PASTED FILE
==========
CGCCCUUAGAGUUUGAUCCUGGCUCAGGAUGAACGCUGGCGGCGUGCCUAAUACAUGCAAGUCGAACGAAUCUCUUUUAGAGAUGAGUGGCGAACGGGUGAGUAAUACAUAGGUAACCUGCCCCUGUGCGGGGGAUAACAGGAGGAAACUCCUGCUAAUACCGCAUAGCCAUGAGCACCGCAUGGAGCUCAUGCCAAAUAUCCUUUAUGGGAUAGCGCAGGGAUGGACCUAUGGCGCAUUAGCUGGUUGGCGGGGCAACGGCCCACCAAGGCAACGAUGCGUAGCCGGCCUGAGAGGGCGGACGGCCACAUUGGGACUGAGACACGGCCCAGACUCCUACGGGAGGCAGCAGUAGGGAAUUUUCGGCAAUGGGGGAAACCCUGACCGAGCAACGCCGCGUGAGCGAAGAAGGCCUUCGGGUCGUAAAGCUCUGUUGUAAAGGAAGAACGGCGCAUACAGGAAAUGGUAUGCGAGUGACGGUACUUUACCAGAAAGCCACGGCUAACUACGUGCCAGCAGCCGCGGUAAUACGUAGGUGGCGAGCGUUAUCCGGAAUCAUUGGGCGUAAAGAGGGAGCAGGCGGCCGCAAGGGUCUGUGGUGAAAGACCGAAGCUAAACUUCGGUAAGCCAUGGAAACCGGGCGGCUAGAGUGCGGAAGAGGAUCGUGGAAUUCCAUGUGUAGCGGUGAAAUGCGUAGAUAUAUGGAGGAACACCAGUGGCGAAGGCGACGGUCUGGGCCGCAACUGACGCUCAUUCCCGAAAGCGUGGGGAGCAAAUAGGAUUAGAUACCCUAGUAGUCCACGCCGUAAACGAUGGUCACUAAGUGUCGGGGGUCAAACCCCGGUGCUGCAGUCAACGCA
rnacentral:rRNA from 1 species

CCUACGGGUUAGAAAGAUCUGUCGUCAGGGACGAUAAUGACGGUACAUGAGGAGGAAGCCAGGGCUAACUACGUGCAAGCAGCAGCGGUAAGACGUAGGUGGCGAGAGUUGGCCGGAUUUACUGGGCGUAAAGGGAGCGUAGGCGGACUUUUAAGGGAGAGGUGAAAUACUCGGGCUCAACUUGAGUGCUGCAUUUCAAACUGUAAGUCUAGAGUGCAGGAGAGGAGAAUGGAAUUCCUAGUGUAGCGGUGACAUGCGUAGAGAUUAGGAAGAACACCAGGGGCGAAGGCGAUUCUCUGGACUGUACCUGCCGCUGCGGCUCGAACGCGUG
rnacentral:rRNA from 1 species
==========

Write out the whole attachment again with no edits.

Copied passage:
CGCCCUUAGAGUUUGAUCCUGGCUCAGGAUGAACGCUGGCGGCGUGCCUAAUACAUGCAAGUCGAACGAAUCUCUUUUAGAGAUGAGUGGCGAACGGGUGAGUAAUACAUAGGUAACCUGCCCCUGUGCGGGGGAUAACAGGAGGAAACUCCUGCUAAUACCGCAUAGCCAUGAGCACCGCAUGGAGCUCAUGCCAAAUAUCCUUUAUGGGAUAGCGCAGGGAUGGACCUAUGGCGCAUUAGCUGGUUGGCGGGGCAACGGCCCACCAAGGCAACGAUGCGUAGCCGGCCUGAGAGGGCGGACGGCCACAUUGGGACUGAGACACGGCCCAGACUCCUACGGGAGGCAGCAGUAGGGAAUUUUCGGCAAUGGGGGAAACCCUGACCGAGCAACGCCGCGUGAGCGAAGAAGGCCUUCGGGUCGUAAAGCUCUGUUGUAAAGGAAGAACGGCGCAUACAGGAAAUGGUAUGCGAGUGACGGUACUUUACCAGAAAGCCACGGCUAACUACGUGCCAGCAGCCGCGGUAAUACGUAGGUGGCGAGCGUUAUCCGGAAUCAUUGGGCGUAAAGAGGGAGCAGGCGGCCGCAAGGGUCUGUGGUGAAAGACCGAAGCUAAACUUCGGUAAGCCAUGGAAACCGGGCGGCUAGAGUGCGGAAGAGGAUCGUGGAAUUCCAUGUGUAGCGGUGAAAUGCGUAGAUAUAUGGAGGAACACCAGUGGCGAAGGCGACGGUCUGGGCCGCAACUGACGCUCAUUCCCGAAAGCGUGGGGAGCAAAUAGGAUUAGAUACCCUAGUAGUCCACGCCGUAAACGAUGGUCACUAAGUGUCGGGGGUCAAACCCCGGUGCUGCAGUCAACGCA
rnacentral:rRNA from 1 species

CCUACGGGUUAGAAAGAUCUGUCGUCAGGGACGAUAAUGACGGUACAUGAGGAGGAAGCCAGGGCUAACUACGUGCAAGCAGCAGCGGUAAGACGUAGGUGGCGAGAGUUGGCCGGAUUUACUGGGCGUAAAGGGAGCGUAGGCGGACUUUUAAGGGAGAGGUGAAAUACUCGGGCUCAACUUGAGUGCUGCAUUUCAAACUGUAAGUCUAGAGUGCAGGAGAGGAGAAUGGAAUUCCUAGUGUAGCGGUGACAUGCGUAGAGAUUAGGAAGAACACCAGGGGCGAAGGCGAUUCUCUGGACUGUACCUGCCGCUGCGGCUCGAACGCGUG
rnacentral:rRNA from 1 species